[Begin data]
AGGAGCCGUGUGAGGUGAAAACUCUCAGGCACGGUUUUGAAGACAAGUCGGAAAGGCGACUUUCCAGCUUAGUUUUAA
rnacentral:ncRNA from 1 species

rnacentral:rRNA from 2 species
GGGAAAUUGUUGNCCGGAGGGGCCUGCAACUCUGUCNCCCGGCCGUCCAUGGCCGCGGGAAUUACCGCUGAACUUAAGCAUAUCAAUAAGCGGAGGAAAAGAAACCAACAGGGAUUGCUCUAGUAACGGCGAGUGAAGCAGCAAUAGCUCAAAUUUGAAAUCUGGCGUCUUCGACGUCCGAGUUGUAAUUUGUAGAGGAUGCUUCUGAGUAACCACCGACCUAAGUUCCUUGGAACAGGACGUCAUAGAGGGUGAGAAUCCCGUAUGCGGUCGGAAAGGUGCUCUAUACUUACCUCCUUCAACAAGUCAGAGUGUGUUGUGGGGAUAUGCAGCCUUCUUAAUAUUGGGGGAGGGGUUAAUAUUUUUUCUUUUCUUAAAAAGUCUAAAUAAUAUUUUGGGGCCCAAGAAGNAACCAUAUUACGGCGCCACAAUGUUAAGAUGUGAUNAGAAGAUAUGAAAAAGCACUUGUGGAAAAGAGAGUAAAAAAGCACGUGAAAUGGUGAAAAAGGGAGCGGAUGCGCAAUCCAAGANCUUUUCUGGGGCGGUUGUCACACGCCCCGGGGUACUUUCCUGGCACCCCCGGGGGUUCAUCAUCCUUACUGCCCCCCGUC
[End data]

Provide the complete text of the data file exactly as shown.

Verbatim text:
AGGAGCCGUGUGAGGUGAAAACUCUCAGGCACGGUUUUGAAGACAAGUCGGAAAGGCGACUUUCCAGCUUAGUUUUAA
rnacentral:ncRNA from 1 species

rnacentral:rRNA from 2 species
GGGAAAUUGUUGNCCGGAGGGGCCUGCAACUCUGUCNCCCGGCCGUCCAUGGCCGCGGGAAUUACCGCUGAACUUAAGCAUAUCAAUAAGCGGAGGAAAAGAAACCAACAGGGAUUGCUCUAGUAACGGCGAGUGAAGCAGCAAUAGCUCAAAUUUGAAAUCUGGCGUCUUCGACGUCCGAGUUGUAAUUUGUAGAGGAUGCUUCUGAGUAACCACCGACCUAAGUUCCUUGGAACAGGACGUCAUAGAGGGUGAGAAUCCCGUAUGCGGUCGGAAAGGUGCUCUAUACUUACCUCCUUCAACAAGUCAGAGUGUGUUGUGGGGAUAUGCAGCCUUCUUAAUAUUGGGGGAGGGGUUAAUAUUUUUUCUUUUCUUAAAAAGUCUAAAUAAUAUUUUGGGGCCCAAGAAGNAACCAUAUUACGGCGCCACAAUGUUAAGAUGUGAUNAGAAGAUAUGAAAAAGCACUUGUGGAAAAGAGAGUAAAAAAGCACGUGAAAUGGUGAAAAAGGGAGCGGAUGCGCAAUCCAAGANCUUUUCUGGGGCGGUUGUCACACGCCCCGGGGUACUUUCCUGGCACCCCCGGGGGUUCAUCAUCCUUACUGCCCCCCGUC